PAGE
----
Links to National Standards for Civics and Government
Content Standard III (A) 1. Distributing governmental power and preventing its abuse. Students should be able to explain how the United States Constitution grants and distributes power to national and state government and how it seeks to prevent the abuse of power.
Content Standard III (B) 1. The institutions of the national government. Students should be able to evaluate, take, and defend positions on issues regarding the purposes, organization, and functions of the institutions of the national government.
Links to National Council for the Social Studies Standards
Power, Authority, and Governance
Social studies programs should include experiences that provide for the study of how people create and change structures of power, authority, and governance.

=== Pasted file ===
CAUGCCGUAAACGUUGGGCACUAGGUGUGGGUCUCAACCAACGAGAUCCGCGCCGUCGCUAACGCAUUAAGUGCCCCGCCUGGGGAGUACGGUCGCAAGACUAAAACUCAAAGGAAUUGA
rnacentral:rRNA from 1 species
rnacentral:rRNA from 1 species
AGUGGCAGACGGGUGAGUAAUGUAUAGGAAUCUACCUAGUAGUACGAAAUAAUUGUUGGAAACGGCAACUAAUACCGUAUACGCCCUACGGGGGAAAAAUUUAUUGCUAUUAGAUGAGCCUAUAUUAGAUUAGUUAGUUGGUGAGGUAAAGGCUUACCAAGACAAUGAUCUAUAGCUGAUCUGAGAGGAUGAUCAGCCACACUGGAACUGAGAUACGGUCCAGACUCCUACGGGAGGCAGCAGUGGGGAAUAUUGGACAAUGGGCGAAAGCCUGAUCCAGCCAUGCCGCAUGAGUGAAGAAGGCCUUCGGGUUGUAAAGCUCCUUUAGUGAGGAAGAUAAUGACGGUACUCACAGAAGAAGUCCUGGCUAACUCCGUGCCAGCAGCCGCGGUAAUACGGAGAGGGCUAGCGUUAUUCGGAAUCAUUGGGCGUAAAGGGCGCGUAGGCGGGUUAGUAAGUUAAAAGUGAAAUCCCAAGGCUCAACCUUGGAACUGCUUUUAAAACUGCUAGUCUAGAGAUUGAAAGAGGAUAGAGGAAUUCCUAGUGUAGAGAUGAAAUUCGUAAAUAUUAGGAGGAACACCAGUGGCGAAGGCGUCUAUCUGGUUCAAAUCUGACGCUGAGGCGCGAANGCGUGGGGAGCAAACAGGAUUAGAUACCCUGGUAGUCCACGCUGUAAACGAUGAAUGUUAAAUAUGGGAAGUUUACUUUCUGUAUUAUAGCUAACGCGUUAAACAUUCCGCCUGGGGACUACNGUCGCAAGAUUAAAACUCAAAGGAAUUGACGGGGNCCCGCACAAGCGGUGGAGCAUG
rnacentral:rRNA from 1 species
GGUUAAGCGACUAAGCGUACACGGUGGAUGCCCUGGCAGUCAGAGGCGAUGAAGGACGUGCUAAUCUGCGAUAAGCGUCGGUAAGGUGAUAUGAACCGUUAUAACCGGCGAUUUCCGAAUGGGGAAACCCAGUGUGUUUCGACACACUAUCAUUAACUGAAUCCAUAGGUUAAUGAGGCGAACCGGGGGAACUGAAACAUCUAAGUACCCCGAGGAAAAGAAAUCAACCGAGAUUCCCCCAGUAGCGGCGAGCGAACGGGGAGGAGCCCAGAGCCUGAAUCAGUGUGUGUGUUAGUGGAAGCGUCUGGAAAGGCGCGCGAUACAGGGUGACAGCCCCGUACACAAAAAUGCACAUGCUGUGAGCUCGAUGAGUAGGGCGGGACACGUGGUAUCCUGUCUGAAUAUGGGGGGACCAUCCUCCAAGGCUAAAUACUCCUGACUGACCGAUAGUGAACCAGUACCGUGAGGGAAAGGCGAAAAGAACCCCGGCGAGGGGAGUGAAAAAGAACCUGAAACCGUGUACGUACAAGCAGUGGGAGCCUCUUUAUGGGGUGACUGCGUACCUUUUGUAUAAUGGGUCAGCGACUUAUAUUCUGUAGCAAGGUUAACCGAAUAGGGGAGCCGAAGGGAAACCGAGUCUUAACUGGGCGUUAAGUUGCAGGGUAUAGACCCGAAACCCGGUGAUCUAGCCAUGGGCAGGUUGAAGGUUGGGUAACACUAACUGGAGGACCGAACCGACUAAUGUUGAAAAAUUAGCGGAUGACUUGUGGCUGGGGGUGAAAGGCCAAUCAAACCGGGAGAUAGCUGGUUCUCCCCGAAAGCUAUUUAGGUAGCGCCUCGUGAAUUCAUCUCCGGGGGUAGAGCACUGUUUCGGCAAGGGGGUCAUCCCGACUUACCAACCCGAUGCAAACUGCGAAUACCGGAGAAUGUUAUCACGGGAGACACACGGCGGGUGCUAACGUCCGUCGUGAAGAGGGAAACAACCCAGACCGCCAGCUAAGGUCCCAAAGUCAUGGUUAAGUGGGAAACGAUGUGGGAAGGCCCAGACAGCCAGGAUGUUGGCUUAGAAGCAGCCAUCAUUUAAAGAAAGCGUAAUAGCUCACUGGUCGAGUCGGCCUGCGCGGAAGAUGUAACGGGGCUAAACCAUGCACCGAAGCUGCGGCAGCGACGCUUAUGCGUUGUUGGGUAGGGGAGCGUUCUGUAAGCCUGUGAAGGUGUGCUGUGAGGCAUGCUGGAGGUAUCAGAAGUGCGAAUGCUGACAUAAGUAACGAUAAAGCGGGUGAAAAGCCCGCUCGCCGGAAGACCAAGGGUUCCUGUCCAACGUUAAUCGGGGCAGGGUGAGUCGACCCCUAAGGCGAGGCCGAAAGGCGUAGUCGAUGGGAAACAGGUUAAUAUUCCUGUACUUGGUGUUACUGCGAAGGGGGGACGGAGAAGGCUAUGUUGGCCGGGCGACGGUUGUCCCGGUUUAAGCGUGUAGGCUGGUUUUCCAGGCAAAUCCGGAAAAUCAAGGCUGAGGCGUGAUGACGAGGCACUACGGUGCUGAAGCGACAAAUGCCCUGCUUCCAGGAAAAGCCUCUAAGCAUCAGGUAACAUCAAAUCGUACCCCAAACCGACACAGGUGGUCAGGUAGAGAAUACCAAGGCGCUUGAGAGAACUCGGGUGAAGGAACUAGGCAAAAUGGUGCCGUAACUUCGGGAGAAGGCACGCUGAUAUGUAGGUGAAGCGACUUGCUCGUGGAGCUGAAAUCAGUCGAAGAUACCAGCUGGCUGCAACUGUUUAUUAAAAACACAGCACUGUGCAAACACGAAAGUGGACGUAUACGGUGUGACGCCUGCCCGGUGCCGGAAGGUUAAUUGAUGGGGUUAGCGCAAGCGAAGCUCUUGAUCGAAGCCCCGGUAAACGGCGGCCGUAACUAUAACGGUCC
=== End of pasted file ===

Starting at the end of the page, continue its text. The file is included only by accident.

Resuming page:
Student Handout 1: Profiles of Federal Judges.
Student Handout 2: Excerpts from Opening Statement of Justice Ginsburg During Her Nomination Hearing Before the Senate Judiciary Committee.
Student Handout 3: Senate Judiciary Committee Initial Questionnaire (Supreme Court)
- Before students enter the classroom, write the following excerpt from the Constitution on the blackboard or overhead projector and cover it so that students cannot see it.
" . . . The Judges, both of the supreme and inferior Courts, shall hold their Offices during good Behaviour, and shall, at stated Times, receive for their Services a Compensation, which shall not be diminished during their Continuance in Office." —Article III, Section I, U.S. Constitution